How Much Weight Can A Crib Hold? (Crib Types And Limits)

If you’re trying to decide when your toddler is too heavy to stay in the crib this article might help you out! You might also be wondering if it’s safe for you as an adult to climb in your baby’s crib with them… How much weight can a crib hold?

The answer depends on what kind of crib you have. If you know the exact make and model of your crib you should try searching for it specifically and follow the recommended weight limit. Cribs can be made from many different materials like metal or wood and their quality can also affect their maximum weight capacity. Cribs can vary in weight capacity quite a bit and putting excessive weight on your crib base might make your crib break. There are some general guidelines around how much weight each type of crib can hold; let’s take a look at a few examples based on some of the most popular cribs being purchased by parents.

Standard Crib

A standard crib is exactly what it sounds like. No moving parts, four sides of crib railings. It also doesn’t have a conversion kit to transition into a toddler bed and beyond someday. A standard baby crib can often hold about 50 pounds of weight and depending on the height and weight of your baby or toddler, could last from 0-4 years of age. Here are a few popular options and their weight limits. 

Standard crib pictured above

Convertible Crib

A convertible crib is similar to a standard crib, but it is designed to ‘age-up’ with your toddler through different stages when he or she is ready for a big kid bed. A convertible crib looks and functions the same as a standard crib (and uses a standard crib mattress size) until your child is ready to get rid of the full set of crib rails and climb in and out of the bed on their own. At that point, you usually use a separately purchased crib adapter set and assembly instructions to transition the crib into a toddler sized bed.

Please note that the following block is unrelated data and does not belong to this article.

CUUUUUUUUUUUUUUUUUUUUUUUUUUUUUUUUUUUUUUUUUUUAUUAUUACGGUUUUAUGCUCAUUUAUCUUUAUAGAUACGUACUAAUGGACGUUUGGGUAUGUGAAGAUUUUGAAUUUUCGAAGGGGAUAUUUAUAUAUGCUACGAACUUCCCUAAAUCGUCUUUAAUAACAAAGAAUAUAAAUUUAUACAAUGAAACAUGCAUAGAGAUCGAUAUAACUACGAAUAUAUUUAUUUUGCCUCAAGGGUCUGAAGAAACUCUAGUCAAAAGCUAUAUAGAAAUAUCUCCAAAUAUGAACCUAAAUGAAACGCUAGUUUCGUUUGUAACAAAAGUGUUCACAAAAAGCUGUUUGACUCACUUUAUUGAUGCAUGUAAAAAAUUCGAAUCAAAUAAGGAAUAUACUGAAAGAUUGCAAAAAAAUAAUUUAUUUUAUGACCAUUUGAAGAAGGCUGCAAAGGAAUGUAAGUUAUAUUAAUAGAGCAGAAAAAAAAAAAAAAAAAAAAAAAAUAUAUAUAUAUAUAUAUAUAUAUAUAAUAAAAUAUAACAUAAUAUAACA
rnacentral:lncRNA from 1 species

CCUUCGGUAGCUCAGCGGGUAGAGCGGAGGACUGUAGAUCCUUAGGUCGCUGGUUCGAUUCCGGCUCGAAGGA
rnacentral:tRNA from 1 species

Convertible crib pictured above

A convertible crib often has a weight limit of 50 pounds. It’s possible some of them made from super solid sturdy construction can hold up to 100 pounds but it’s not as common. Sometimes a good convertible crib will have a higher weight limit because the construction of the bed is made from solid wood or because it’s manufactured to be able to accommodate toddler bed conversions or even eventual full-size bed conversions. A convertible crib will often be built to eventually accommodate a twin mattress or even double/full size mattress.

Mini Crib

A mini crib is great for a small nursery space or even for putting a crib in your master bedroom because it takes up less space than a standard crib. Mini cribs often also have wheels and fit through a standard doorway in most homes. This is so you can push your crib into your master bedroom when needed, and move it back into the nursery without taking the entire crib apart. 

Mini crib pictured above

Because mini cribs are smaller, and often on wheels, that affects how much weight they can generally hold. A mini crib can usually hold about 35-50 pounds. You should bank on it holding less weight than most standard cribs and most convertible cribs.

On top of the weight restrictions of a mini crib, you’ll also want to consider the height limit for a mini crib too. The height restriction of a mini crib is often smaller than a standard-sized crib because it’s not as long.

Sidecar Crib